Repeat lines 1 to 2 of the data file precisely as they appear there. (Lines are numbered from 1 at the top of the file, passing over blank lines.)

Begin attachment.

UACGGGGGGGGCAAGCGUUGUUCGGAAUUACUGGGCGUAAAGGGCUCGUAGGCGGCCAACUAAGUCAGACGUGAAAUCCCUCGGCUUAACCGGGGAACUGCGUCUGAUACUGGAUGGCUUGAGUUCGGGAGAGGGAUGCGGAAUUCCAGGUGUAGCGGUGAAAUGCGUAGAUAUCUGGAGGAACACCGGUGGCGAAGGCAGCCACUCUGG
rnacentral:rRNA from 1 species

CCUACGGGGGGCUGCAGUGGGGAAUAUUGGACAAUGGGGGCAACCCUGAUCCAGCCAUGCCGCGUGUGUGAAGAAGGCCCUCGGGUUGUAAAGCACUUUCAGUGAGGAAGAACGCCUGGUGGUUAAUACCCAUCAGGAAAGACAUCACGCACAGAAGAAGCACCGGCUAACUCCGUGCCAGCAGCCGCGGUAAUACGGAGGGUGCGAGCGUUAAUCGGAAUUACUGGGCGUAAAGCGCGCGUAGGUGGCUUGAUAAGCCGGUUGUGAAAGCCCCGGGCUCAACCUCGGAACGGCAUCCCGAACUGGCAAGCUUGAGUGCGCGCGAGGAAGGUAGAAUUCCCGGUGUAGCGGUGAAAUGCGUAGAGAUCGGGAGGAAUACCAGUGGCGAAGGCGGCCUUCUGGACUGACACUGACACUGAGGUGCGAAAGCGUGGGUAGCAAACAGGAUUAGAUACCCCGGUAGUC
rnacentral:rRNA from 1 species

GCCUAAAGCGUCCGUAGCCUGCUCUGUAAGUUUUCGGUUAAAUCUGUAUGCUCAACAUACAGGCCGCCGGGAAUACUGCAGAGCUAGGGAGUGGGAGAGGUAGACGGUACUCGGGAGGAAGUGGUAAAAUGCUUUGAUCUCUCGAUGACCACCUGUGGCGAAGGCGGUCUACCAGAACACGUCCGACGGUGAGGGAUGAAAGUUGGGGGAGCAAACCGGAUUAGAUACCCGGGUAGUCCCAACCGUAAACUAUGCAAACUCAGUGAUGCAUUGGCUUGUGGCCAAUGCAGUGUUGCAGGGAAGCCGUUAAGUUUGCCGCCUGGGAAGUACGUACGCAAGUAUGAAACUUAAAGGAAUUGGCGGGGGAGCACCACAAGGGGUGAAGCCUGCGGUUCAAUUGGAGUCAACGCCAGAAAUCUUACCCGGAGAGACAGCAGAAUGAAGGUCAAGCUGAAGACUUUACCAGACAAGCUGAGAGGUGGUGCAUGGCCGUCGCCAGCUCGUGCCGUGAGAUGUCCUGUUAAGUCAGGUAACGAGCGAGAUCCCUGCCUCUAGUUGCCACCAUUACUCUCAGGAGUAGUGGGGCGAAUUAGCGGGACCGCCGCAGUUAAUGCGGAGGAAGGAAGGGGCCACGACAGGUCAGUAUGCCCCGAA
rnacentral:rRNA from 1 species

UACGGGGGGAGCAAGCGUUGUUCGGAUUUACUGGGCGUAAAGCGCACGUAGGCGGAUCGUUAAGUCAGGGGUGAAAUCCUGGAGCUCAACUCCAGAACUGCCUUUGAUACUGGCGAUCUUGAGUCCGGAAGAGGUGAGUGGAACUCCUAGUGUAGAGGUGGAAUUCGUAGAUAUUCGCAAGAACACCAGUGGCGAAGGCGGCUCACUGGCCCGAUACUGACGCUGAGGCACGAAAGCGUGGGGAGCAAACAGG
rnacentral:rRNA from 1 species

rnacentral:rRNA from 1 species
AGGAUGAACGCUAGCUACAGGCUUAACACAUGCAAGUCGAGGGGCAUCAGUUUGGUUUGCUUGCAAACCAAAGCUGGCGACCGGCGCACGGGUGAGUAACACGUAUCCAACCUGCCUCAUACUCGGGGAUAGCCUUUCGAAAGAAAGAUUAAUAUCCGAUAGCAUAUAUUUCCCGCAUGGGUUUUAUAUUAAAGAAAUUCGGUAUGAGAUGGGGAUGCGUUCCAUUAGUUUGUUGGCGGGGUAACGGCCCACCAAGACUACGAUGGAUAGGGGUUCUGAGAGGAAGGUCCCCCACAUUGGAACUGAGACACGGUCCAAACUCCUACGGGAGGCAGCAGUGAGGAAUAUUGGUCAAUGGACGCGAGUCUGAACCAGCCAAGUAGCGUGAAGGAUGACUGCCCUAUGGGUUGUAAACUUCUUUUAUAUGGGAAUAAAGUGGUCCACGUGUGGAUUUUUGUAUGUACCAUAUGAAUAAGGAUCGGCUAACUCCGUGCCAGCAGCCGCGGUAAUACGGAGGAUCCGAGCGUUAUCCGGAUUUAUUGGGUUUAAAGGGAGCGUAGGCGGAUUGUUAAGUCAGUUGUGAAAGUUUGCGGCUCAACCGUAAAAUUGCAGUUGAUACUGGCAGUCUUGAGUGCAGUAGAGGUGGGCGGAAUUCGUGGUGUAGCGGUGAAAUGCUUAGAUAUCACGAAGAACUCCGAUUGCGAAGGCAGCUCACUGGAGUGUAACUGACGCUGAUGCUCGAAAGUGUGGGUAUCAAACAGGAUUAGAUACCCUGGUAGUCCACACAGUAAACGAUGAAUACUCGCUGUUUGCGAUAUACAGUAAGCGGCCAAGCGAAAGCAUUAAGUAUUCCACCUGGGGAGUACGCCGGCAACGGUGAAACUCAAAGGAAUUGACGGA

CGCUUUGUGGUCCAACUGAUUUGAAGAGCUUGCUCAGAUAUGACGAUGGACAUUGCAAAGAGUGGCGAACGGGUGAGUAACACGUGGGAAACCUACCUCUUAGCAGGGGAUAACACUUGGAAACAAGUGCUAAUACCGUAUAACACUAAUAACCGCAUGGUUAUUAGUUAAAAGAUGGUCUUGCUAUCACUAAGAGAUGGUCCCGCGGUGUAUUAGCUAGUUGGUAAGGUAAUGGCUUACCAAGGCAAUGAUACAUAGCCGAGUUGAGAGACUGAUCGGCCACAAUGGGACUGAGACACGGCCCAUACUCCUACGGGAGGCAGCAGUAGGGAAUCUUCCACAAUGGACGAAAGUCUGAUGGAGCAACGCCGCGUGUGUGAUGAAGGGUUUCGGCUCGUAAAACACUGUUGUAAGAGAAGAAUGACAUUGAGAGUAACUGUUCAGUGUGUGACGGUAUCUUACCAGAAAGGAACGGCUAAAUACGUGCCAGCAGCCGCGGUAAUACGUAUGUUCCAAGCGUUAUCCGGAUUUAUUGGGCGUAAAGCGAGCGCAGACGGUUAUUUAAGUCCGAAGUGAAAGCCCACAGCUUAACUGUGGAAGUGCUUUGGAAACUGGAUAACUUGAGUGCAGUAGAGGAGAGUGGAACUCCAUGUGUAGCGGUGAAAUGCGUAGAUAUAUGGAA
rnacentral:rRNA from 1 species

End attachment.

UACGGGGGGGGCAAGCGUUGUUCGGAAUUACUGGGCGUAAAGGGCUCGUAGGCGGCCAACUAAGUCAGACGUGAAAUCCCUCGGCUUAACCGGGGAACUGCGUCUGAUACUGGAUGGCUUGAGUUCGGGAGAGGGAUGCGGAAUUCCAGGUGUAGCGGUGAAAUGCGUAGAUAUCUGGAGGAACACCGGUGGCGAAGGCAGCCACUCUGG
rnacentral:rRNA from 1 species